Evolution of women’s hockey takes centre stage at Winter Olympics

Despite the 13-hour time difference, viewers across North America stayed up late to watch Canada win gold over the United States on Wednesday, Feb. 16.

Those who listened to the CBC broadcast heard a sprinkling of advanced hockey analytic lingo dropped by colour commentator Cheryl Pounder and Bryan Mudryk on play-by-play.

The game was fast and fierce. The broadcast crew used terms such as zone entry assists, slot pass distribution, expected goals and variance to describe the game.

Although there’s still a lot of work to be done to grow women’s hockey, the coverage was a reflection of the game’s evolution and sign of where it’s headed.

Data scientist and Brock University graduate Meghan Chayka (BBA ’12) has played an integral role in helping women’s hockey grow with the help of her hockey analytics company, Stathletes, which she co-founded with Neil Lane.

Stathletes works with NHL teams and leagues worldwide to systematically break down all facets of the game to provide insight into player and team performance.

Chayka and Stathletes have collected next-gen data on international women’s hockey and the Premier Hockey Federation (PHF), a professional women’s hockey league in the United States and Canada.

“Women’s hockey analytics is evolving in the public and private sphere,” Chayka said. “We look forward to contributing even more in the future as the industry grows. These are elite-level athletes who deserve to have adequate tools to compete as such.”

It’s no secret that the women’s game lacks a lot of financial and proper infrastructure support. Yet, the sport of women’s hockey possesses one of the greatest rivalries in sports: Canada versus the United States.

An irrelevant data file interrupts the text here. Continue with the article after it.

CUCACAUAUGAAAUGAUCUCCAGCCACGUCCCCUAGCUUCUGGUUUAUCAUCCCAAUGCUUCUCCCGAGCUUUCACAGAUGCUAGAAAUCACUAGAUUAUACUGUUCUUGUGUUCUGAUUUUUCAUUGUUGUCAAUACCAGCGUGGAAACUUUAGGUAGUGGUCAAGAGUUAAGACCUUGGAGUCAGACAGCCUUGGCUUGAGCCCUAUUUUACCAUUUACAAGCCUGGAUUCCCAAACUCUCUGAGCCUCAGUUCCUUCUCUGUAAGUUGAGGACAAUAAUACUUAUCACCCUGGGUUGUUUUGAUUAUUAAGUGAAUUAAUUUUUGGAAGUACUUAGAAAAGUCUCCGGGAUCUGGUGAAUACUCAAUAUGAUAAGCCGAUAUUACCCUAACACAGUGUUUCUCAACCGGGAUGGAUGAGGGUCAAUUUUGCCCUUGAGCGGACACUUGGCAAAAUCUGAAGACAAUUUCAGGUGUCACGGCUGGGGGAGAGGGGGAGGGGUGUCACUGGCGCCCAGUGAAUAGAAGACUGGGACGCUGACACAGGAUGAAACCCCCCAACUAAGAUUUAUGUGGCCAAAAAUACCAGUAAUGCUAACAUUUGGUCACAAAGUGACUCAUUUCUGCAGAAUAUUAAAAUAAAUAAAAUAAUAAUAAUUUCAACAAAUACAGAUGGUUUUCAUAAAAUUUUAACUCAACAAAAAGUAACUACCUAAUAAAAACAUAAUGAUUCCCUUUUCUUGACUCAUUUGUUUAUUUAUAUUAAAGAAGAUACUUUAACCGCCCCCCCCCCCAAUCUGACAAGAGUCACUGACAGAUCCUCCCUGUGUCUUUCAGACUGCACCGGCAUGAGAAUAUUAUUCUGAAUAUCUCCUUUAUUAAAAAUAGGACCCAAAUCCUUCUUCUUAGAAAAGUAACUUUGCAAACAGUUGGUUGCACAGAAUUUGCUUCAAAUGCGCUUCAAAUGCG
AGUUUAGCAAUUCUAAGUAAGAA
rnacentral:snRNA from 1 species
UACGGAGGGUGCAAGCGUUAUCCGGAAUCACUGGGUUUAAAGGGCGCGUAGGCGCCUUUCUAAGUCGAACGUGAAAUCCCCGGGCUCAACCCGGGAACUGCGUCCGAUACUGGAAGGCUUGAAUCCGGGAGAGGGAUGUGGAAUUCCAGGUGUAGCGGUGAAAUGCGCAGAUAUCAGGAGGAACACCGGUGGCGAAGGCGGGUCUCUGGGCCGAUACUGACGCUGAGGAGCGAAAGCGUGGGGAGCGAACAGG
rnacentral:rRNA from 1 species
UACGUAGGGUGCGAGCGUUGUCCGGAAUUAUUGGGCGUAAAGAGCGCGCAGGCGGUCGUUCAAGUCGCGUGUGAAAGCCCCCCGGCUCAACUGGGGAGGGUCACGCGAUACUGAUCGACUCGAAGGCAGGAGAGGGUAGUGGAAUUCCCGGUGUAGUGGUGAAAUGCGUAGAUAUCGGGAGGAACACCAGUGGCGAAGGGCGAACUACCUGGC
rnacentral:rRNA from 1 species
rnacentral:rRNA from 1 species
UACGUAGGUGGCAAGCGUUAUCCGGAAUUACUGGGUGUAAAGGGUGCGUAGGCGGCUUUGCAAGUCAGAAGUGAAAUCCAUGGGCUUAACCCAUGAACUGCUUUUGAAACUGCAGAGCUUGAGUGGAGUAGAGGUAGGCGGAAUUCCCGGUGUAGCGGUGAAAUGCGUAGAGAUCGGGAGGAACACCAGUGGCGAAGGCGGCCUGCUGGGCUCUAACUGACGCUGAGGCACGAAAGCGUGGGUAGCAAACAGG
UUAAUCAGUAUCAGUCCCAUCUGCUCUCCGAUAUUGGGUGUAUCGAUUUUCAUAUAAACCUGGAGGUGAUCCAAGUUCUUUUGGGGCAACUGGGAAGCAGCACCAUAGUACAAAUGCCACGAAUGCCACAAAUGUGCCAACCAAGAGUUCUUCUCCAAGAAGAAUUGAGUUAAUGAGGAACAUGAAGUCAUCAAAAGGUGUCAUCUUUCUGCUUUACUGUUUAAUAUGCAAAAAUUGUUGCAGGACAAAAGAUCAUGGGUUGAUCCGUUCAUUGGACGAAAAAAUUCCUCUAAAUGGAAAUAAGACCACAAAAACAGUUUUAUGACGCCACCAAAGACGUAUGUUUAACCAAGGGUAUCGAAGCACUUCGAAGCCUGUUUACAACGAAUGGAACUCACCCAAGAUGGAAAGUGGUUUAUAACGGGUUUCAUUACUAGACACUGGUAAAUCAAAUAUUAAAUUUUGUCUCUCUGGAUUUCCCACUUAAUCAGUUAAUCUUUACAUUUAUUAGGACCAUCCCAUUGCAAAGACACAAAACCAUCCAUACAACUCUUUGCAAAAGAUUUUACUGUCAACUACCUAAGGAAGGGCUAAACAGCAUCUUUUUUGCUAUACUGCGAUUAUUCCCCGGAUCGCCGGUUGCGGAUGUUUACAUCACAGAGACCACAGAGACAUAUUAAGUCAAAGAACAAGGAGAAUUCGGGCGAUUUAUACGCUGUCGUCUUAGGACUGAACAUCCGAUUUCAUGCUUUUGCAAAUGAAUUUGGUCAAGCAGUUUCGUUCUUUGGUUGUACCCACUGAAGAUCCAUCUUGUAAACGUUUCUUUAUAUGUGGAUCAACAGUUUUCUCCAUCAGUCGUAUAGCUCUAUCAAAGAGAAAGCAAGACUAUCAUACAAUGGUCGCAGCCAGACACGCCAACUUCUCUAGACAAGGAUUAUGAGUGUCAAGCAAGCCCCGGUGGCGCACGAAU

The longstanding rivalry has become must-watch television. In their first matchup of the Beijing Olympics, 1.3 million viewers tuned in to Canada versus the United States women’s hockey game on Feb. 7, setting CBC’s largest late-night audience so far during the 2022 Games.

Olympic women’s hockey made its debut in 1998 Nagano. Since then, Canada has competed for gold in all seven Winter Olympic Games.

The legendary rivalry has spanned over two decades and has featured more than 100 players from Canadian universities and the United States’ college hockey programs.

The Canadian women’s team currently features Melodie Daoust, a former U SPORTS student-athlete, with this year’s tournament also including two players who compete for international teams: current University of Montreal forward Kaleigh Quennec (Switzerland) and former University of Calgary forward Alexandra Vafina (Russian Olympic Committee).

Brock women’s hockey head coach Margot Page, who was part of the gold-medal winning coaching staff at the 2006 Winter Olympic Games in Torino, Italy, said it’s pivotal to keep stoking the fires of enthusiasm for the sport.

“Whenever the Olympics come around, there’s a spike in interest because the women’s game is so wonderful to follow,” Page said. “When people watch the game, they love it, but overall interest dwindles down and disappears after the Olympics are done.”

Page played for the Canadian national women’s team from 1989 to 1994 and has won three gold medals at the International Ice Hockey Federation (IIHF) Women’s World Hockey Championships. She’s also coached the National Women’s Under-22 team to back-to-back gold medals in 2003 and ’04.